Just a stepping stone to greatness for others And a scope or two or three or four http://www.deer-pond-observatory.com
Dark Arts Observatory, Brockport, NY - Skyshed POD XL5 with iOptron iEQ45 Mount
Scopes: C8, C5, SV110 ED, EON-72 ED, ST 80, ATRC6, Megrez 90
Quote:Nick:Personally, I think people go a bit "overkill" on the base of these piers. I think 2' x 2' x 3' is more than large enough.I have a porch/deck at the rear of my house, and each post is setting on a mini 'pier'. Basically an 8" diameter sonotube going 4' into the ground (due to frost line), with a 12" diameter footer. These have not budged for the past 15 years.Compared to a building, astronomical piers have to support almost nothing in terms of weight. Unless your pier is going very high, such as with a roof-top observatory, then you really don't need much in the way of a base.-Dan
John in NW Arkansas
- “ Great minds discuss ideas, average minds discuss events, small minds discuss people. ” — Hugh C. Cameron
Quote:My base is 18"x18"x3' I mixed the concrete myself. The bottom of the pier flares out to form a footer. There is no rebar in the base. It been supporting the setup shown below for over 10 years with no issues.
Quote:Nick, plan for an earthquake. If the ground moves from the "big" one, not much is going to stop it.. It's the bunch of smaller ones i'm more concerned about.
Quote:If the earth moves, it isn't going to really matter how big your base is. Entire buildings, roadways, etc. will shift in the right kind of earthquake.-Dan
Quote:My pier footer is not very big and has not moved in 10 years.
Others may disagree. Your millage may vary. Void where prohibited by law.
Quote:Mine is moving at over 3cm/year to the Northwest and there's not a darned thing I can do to stop it because the whole Pacific plate in this area is apparently doing the same. It's moved over 126cm Northwest since I've lived here.
Personally, I think people go a bit "overkill" on the base of these piers.
Matt in Oz Takahashi Mewlon 210 F11.5 = 2415mm Takahashi TSA120 F7.5 (out on loan) = 900mm Takahashi FC76CSV F7.5 = 570m Takahashi FS60CB F5.9 = 355mm
Quote:Quote:Nick:Personally, I think people go a bit "overkill" on the base of these piers. -Dan In some cases "overkill" is an understatement, I have spend the last 15 years supervising concrete formwork construction and have built multistorey buildings on footings smaller than some of these pier bases.The secret is in the base preparation and reinforcement, dig the hole then COMPACT the ground well before laying down plastic, then 'chair up' a sheet of steel mesh about 3" off the ground, another sheet about 3" below the finished concrete level and then fix 6 L-shaped anglebars 1/2" diameter to the bottom mesh arranged so they end up inside the proposed pier with at least 1" of concrete to the face of the pier.I think a base area of 3' x 3' and 18" deep would be as big as you would ever need. My own pier base will be 2' x 2' x 18".Just my 2 cents.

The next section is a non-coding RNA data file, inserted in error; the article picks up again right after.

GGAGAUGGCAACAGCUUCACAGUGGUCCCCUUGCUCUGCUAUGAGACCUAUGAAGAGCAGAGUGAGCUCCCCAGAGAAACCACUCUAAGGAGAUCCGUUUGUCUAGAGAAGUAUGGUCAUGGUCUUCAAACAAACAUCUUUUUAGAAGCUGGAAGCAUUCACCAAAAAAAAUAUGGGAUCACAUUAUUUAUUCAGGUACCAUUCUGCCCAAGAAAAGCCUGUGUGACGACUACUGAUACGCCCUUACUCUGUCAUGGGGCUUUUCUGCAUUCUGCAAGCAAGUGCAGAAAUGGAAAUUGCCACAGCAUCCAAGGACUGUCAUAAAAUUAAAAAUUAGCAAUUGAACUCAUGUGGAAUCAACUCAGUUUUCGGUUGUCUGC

Quote:Nick:Personally, I think people go a bit "overkill" on the base of these piers. -Dan
7x35 and 10x50 sears tower binocs, 3" f/10 edmunds reflector, 2.4" f/11.7 manon refractor, 6" f/8 jaegers refractor, 10" f/11 R30 Istar refractor, 3" f/15.8 sans&streiffe refractor, 3.1" f/15 selsi refractor(towa 339), 2.4" f/15 sears refractor, selsi 30x30mm spyglass, criterion 5-draw 25x45x75x spyglass(1957), 4.25" f/14.8 tasco 20te.http://cleardarksky.com/c/OmahaNEkey.html
NW Mass, inches from Vermont
(well....it used to say that.....)
Quote:Hey....be nice! We all make typos sometimes.......I don't pour concrete for a living, I build things..... including not only houses and decks, but also free-standing radio towers and once a 14-meter radio telescope, and I'm siding with Matt, in that the world of amateur astronomy about single-handedly keeps the concrete industry in business.But, joking aside, much of the ultimate stability of a pier is determined by the soil composition in which the concrete is placed, and much more is determined by the construction of the pier itself and the attention to detail of the backfill placed around it. Wide and flat bottom surfaces poured on undisturbed subsoil and against undisturbed subsoil walls are always the most stable option. Any removed and replaced fill will be less firm than before it was removed, the best possible packing and compacting of backfill will still leave a free-standing pier built in a dug-out hole able to be moved around a small amount relatively easily. For a house, not a problem - all the load is straight down, and as long as the footing can't push downward into soft fill, all is good. For something like a radio tower with a large wind-induced side load, a cube - even a big one - with dirt shoveled back in around it, will soon indicate the prevailing wind direction. Scopes in a small way replicate the loads on towers. A slab of concrete 5 x 5 x 1 foot containing 25 cubic feet with a pier sticking up from it will offer far more resistance to side forces than a 3 x 3 x 3 foot cube containing 27, with a similar diameter pier, because the leverage forces required to lift an edge are far greater.If you're wondering, my own pier, built to hold a 6" refractor, is a 2' diameter hole dug about 5' deep in firm gravely clay (liberal use of an electric jackhammer was required) filled with concrete directly into the hole about 3' deep, with a 10" sonotube to ground level, and a steel pier above ground. The pier, and the building's corner-piers, all stop at ground level in case of future removal of the building. A hard kick will vibrate the steel pier a bit, but I don't kick the top of it very often when I'm observing..... I have noticed, though, that the big town snowplow truck, main and wing down, loaded with several yards of road sand, will vibrate the scope visibly when it passes 1/4 mile away, but that thing's pretty much a rolling earthquake, so that's to be expected, I guess.Russ